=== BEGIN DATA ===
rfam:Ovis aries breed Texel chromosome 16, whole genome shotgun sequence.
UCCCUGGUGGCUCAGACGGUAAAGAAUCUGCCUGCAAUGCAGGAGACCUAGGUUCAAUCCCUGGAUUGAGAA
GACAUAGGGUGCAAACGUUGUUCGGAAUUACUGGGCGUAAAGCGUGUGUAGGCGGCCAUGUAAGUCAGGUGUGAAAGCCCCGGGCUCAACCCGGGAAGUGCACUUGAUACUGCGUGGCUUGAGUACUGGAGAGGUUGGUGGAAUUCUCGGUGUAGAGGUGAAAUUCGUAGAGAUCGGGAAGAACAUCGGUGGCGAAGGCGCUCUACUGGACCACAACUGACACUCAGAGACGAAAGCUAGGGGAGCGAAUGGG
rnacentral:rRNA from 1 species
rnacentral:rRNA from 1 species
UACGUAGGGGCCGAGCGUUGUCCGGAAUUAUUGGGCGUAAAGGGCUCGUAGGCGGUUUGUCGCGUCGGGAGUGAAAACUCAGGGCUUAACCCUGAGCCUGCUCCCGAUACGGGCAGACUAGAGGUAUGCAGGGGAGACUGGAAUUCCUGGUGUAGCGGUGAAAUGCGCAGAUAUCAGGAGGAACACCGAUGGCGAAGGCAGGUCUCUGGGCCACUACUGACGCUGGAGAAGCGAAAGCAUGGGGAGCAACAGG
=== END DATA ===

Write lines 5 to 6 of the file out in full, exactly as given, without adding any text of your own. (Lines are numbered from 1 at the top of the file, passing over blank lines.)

rnacentral:rRNA from 1 species
UACGUAGGGGCCGAGCGUUGUCCGGAAUUAUUGGGCGUAAAGGGCUCGUAGGCGGUUUGUCGCGUCGGGAGUGAAAACUCAGGGCUUAACCCUGAGCCUGCUCCCGAUACGGGCAGACUAGAGGUAUGCAGGGGAGACUGGAAUUCCUGGUGUAGCGGUGAAAUGCGCAGAUAUCAGGAGGAACACCGAUGGCGAAGGCAGGUCUCUGGGCCACUACUGACGCUGGAGAAGCGAAAGCAUGGGGAGCAACAGG